Also known as idiopathic facial palsy, Bell’s palsy is usually a temporary condition that involves the facial nerve, the 7th cranial nerve. It affects people all over the world and can develop at all ages. Symptoms tend to appear over a period of a few days and can improve after only a few weeks. Most patients who develop Bell’s palsy regain complete facial function within six months. Although Bell’s palsy seems like it has a fast recovery and has no serious threat to the patient, it is frustrating, somewhat distressing, and may result in long-term symptoms/deficits. Since Bell’s Palsy involves swelling of the facial nerve and hyperbaric oxygen treatment is one of the most effective therapies for swelling in any location in the body HBOT for Bell’s palsy makes good sense.
Symptoms of Bell’s Palsy
The word “palsy” means paralysis. Patients who develop Bell’s palsy are easy to identify, as the muscles and facial nerve on one side of the face develop paralysis or become extremely weak. This can be seen through drooping eyebrows, cheeks, and mouth, but a raised upper eyelid. The facial nerve is responsible for closing the eye (upper eyelid going down, like pulling a window shade down), When the facial nerve is not working the eye remains wide open. In rare circumstances, both sides of the face can be affected, but for most patients it occurs only on one side. Bell’s palsy leads to other symptoms like drooling, pain in the face, increased sensitivity, headaches, loss of taste or smell, and changes in tear or saliva production. Some of these findings can be managed with medications, but medications don’t always restore facial muscle function. There are treatments available for after-care, but some of these take a long time to work, may not work at all, or are invasive.
Cause of Bell’s Palsy
Bell’s palsy occurs when the cranial/facial nerve becomes swollen and inflamed. The facial nerve travels through a very small hole in the skull. If the nerve becomes swollen, the opening in the skull acts like a ring on a swollen finger. The nerve becomes compressed restricting the blood and oxygen flow. When this occurs, the facial nerve and muscles cannot function properly. Over time, the cranial nerve will become less inflamed and the nerve can regain function, but it may take time to heal the injured parts of the nerve. If the swelling and pressure were too great and the blood flow and oxygen delivery too low permanent damage to the nerve can occur. It is not entirely known why Bell’s palsy occurs, but it is associated with viral infection, including herpes, chicken pox, Epstein-Barr, Rubella, Mumps, Flu, and hand-foot-and-mouth disease.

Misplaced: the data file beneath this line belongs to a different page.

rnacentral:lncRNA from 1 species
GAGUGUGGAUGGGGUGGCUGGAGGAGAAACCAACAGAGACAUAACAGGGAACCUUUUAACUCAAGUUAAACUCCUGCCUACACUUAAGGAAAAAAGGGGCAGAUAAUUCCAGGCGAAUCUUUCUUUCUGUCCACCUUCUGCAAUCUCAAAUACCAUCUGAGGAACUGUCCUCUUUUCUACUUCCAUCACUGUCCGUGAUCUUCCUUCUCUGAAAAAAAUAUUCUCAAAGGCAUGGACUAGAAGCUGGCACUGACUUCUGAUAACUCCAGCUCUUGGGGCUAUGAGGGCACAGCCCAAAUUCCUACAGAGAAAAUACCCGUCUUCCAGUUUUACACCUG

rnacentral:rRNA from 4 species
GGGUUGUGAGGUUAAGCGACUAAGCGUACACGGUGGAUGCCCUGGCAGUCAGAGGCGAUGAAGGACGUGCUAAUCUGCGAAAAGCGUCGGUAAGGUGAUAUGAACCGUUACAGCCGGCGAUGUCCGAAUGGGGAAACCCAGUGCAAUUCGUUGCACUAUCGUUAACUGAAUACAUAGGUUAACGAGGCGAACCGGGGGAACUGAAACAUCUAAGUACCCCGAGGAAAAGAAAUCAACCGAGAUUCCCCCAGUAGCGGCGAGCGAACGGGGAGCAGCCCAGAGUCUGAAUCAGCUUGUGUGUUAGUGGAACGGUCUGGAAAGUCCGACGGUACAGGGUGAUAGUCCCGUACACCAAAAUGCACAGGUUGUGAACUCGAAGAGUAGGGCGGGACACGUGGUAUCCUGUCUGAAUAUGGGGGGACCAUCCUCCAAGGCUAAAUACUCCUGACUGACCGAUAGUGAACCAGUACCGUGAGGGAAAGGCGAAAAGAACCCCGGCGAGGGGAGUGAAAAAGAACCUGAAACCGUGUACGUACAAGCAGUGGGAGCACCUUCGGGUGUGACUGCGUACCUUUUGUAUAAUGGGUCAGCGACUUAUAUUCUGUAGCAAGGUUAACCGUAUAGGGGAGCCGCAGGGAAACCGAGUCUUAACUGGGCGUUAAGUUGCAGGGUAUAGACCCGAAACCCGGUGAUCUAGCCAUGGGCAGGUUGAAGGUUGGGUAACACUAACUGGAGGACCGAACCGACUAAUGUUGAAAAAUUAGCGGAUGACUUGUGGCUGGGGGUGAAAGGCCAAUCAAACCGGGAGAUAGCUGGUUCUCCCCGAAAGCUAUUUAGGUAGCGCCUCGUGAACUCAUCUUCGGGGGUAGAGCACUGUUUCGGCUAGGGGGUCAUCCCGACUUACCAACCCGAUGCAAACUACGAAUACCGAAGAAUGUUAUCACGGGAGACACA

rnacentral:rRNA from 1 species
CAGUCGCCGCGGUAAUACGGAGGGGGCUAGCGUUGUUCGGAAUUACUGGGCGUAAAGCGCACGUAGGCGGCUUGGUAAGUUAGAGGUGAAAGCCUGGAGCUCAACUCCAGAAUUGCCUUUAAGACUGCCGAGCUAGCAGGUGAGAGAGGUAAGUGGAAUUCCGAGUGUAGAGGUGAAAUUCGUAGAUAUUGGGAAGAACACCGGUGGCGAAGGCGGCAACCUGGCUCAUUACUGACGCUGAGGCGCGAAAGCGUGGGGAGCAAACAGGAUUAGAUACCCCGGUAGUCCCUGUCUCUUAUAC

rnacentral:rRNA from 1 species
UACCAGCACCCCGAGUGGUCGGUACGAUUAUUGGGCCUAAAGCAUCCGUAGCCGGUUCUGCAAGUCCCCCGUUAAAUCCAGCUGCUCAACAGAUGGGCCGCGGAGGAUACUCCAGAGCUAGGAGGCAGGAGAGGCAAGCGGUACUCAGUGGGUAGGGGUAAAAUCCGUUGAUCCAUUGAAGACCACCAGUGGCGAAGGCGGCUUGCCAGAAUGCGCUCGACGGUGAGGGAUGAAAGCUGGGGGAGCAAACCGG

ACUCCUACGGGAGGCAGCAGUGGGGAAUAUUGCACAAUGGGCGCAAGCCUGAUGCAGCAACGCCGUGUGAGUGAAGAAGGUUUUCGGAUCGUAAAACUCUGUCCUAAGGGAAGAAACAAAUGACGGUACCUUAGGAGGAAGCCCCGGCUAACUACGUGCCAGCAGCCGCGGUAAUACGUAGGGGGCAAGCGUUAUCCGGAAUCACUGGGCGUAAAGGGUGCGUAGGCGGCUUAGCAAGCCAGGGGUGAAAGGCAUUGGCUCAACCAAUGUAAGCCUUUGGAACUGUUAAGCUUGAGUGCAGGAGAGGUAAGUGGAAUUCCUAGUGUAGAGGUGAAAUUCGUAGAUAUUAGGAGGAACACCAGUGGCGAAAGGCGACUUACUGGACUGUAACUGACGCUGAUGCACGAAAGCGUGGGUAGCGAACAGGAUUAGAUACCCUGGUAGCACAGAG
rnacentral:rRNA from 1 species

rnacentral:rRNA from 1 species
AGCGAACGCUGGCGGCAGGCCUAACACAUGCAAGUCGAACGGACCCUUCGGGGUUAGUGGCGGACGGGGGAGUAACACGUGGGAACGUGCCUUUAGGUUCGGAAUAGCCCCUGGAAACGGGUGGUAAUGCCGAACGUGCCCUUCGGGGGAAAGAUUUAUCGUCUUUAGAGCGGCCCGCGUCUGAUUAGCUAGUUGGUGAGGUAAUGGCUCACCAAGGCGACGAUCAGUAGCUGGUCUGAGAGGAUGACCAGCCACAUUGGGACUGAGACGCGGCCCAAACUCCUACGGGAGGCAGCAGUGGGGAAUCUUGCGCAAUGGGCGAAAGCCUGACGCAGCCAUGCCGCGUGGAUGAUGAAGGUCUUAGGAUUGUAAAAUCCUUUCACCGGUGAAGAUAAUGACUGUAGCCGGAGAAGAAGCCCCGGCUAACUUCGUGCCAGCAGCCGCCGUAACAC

Hyperbaric Oxygen Treatment of Bell’s Palsy
HBOT is beneficial in many different acute nervous system conditions such as stroke, traumatic brain injury, birth injury, sudden deafness, sudden blindness, and others. Bell’s Palsy is no different. In many of these acute conditions HBOT’s benefit is caused by a reduction in swelling. This is also true in Bell’s Palsy. Even small reductions in swelling can decrease the pressure on the nerve and improve blood flow and oxygen delivery. If damage to the nerve has already occurred hyperbaric oxygen therapy’s wound healing effects speed healing of the wounded nerve by inhibiting inflammation and stimulating repair. By helping the facial nerve heal much faster, long-term functional and cosmetic consequences are lessened. Patients have a more normal smile, their upper eyelid works better, drooling, decreased taste, and other deficits can be minimized, and patients don’t have to wait six months for spontaneous recovery.
The Benefit of HBOT for Bell’s Palsy
The current common treatment for Bell’s palsy includes pain relieving medicines and anti-inflammatory medications like Prednisone. While these appear to have benefits, HBOT gives an extra boost to these therapies by treating the underlying disease processes that are responsible for the signs and symptoms. Essentially, HBOT is not only treating symptoms, but the cause of Bell’s Palsy at the tissue level in the nerve. In addition, HBOT treats any residual nerve damage, something medications are unable to do. Both the reduction in swelling and accelerated repair of the facial nerve result in less nerve damage and a decreased need for physical and restorative therapies (surgeries).
An additional benefit of HBOT for Bell’s palsy is that the overall healing time drops significantly, meaning less discomfort, facial distortion, and a faster return to wellbeing. Patients of all ages can safely receive hyperbaric oxygen treatment for Bell’s palsy; complications and side effects are rare. Hyperbaric oxygen treatment of Bell’s palsy is a clear choice because of the ease of treatment, improvement of symptoms, and faster healing and recovery.